Web Site Philosophy 101

From   Pillar   to   Post

by Rex D. Moore


Basics are basic and available everywhere

Books with simple, straightforward examples are a good way to go for the newbie to expand his/her horizons.   The "for Dummies" series (IDG Books) is always a winner.   There is even a "for Idiots" series as well (Alpha Books).   The "easy" series (by QUE) is my personal favorite because they demonstrate each step with full color reproductions of the screen you'll be dealing with.

Web sites to help you along:

This site will check your code.

Hexadecimal values for the primary 256 colors.

http://www.sausage.com/ Hot Dog HTML Editor sales and support.

http://www.notetab.com/ HTML Editor (Light free, Standard $9.95, Pro $19.95).

http://www.arachnoid.com/arachnophilia/ Arachnophilia HTML Editor (download any version is free for a favor).

http://www.pride-unlimited.com/ URL Hosting and Web Site Development.

http://members.xoom.com/CupertinoFTP/ Download site for Cupertino FTP program.

http://www.netcom.net.uk/support/web/cupertino.html How to Set-Up and use the Cupertino FTP program.

http://www.buttonmaker.com/ Turn a ".gif" file in to a button.

http://www.MediaBuilder.com/abm.html Helps you create animated gifs.

http://www.MediaBuilder.com/fontmapper.html Maps special character fonts.

http://www.FreeCode.com/ Free CGI and Java script subroutines.

http://www.GifOptimizer.com/ Streamlines that slow loading ".gif" file.

http://www.starlingtech.com/books/javascript/ Java Scripts Workshop.

http://www.kubu.com/banner1.htm Free banners and logos.

http://www.pride-unlimited.com/ URL Hosting with up-to-date traffic reports.

http://www.mcli.dist.maricopa.edu/tut/ HTML Writing Tutorial.

HTML examples.

http://www.worldwidemart.com/scripts/ Matt's Script Archive.

http://hoohoo.ncsa.uiuc.edu/docs/tutorials/ NCSA - Image maps creation and CGI configuration.

UTex list of PC, MAC, & Unix helper apps.

http://www.olm.org/ A confederation of Christians using the Internet and computer based technologies to further the cause of Christ throughout the world.

http://www.church-of-christ.net/ To God Be the Glory. . . a search engine for the Church.

http://www.churches-of-christ.net/ Coming Soon ! ! !


Web Authoring Tools (not how to use them, but why or why not)

NetObjects "Fusion" has impressed me so far.   It is a table-based site building and management tool.   You may order a 30-day trial CD version through their customer service center by calling NetObjects at (888) 449-6400 or visit their web site at http://www.netobjects.com.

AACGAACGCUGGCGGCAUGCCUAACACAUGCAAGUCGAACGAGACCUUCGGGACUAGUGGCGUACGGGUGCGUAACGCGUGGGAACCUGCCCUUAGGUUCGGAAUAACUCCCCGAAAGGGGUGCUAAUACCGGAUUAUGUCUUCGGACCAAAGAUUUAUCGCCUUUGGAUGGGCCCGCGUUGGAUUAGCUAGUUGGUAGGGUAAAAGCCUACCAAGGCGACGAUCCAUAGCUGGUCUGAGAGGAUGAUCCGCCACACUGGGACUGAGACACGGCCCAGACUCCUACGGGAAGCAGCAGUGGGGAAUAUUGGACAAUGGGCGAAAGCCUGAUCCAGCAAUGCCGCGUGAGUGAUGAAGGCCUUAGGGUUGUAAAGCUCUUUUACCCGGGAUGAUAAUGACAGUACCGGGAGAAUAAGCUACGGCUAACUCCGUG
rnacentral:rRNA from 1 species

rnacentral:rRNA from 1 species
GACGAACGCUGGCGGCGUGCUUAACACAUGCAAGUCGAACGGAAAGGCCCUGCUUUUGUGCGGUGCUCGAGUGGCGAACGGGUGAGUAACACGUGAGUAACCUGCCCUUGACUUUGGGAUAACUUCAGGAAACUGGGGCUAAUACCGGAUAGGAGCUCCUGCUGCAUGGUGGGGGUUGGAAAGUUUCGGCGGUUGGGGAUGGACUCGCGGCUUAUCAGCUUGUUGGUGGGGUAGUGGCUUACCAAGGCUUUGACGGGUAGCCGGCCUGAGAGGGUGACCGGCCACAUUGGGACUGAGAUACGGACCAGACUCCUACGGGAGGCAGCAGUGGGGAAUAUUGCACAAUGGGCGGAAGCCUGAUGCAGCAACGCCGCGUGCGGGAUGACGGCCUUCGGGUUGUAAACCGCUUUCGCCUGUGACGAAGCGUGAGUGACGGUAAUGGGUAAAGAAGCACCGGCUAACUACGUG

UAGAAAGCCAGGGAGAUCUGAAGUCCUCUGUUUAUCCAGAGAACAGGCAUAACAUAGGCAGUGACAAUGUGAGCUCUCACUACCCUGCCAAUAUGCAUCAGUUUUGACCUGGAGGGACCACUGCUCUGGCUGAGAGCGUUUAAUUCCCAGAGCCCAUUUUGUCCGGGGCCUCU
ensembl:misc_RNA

There is Adobe's "Page Mill".   Microsoft "FrontPage" is a site management tool that requires special support.   Microsoft "Publisher" and "Corel Draw" have a HTML Publishing feature built in.   Microsoft WORD 97 will also "save as HTML".   Also, these types of programs create large amounts of code which is quite often comfusing and very hard to follow.

Site management tools lean toward preset page widths that do not lend themselves to showing up well in frames and may even lose their perspective when viewed in a resolution larger or smaller than that for which they were designed.   These tools also publish a site as a unit.   This means that in order to correct the spelling of one word or to change a single date means replacing the entire site.   Likewise, going in on your own and changing something (especially a link) may bring the whole site down.

Some site management tools (and/or programmers) will also break the back(ward) link of your browser which will aggravate many casual visitors and cause them not to return (EVER).   For a broader discussion see Gremlins/Frames.

Some HTML editors out on the market are HOT DOG PRO, NoteTab and Nesbitt's.   The Arachnophilia HTML Editor is the best value.   It is a great program that you can download straight off the Internet and the author's price it that you do something good for some else.   It is the original "Pay It Forward" concept, and it was here on the Internet long before it was at the movies.   The basic difference in an editor as opposed to an authoring tool as I see it is "tweakability".   HTML (Hypertext Markup Language) is an uncompiled programming environment.   That is to say, each line of code is interpreted at run time, each time the program is called.   It was developed to enhance the readability of archived documents in a research environment.   Not just to make them look better, but more importantly - make them dynamically scaleable to different Operating Systems.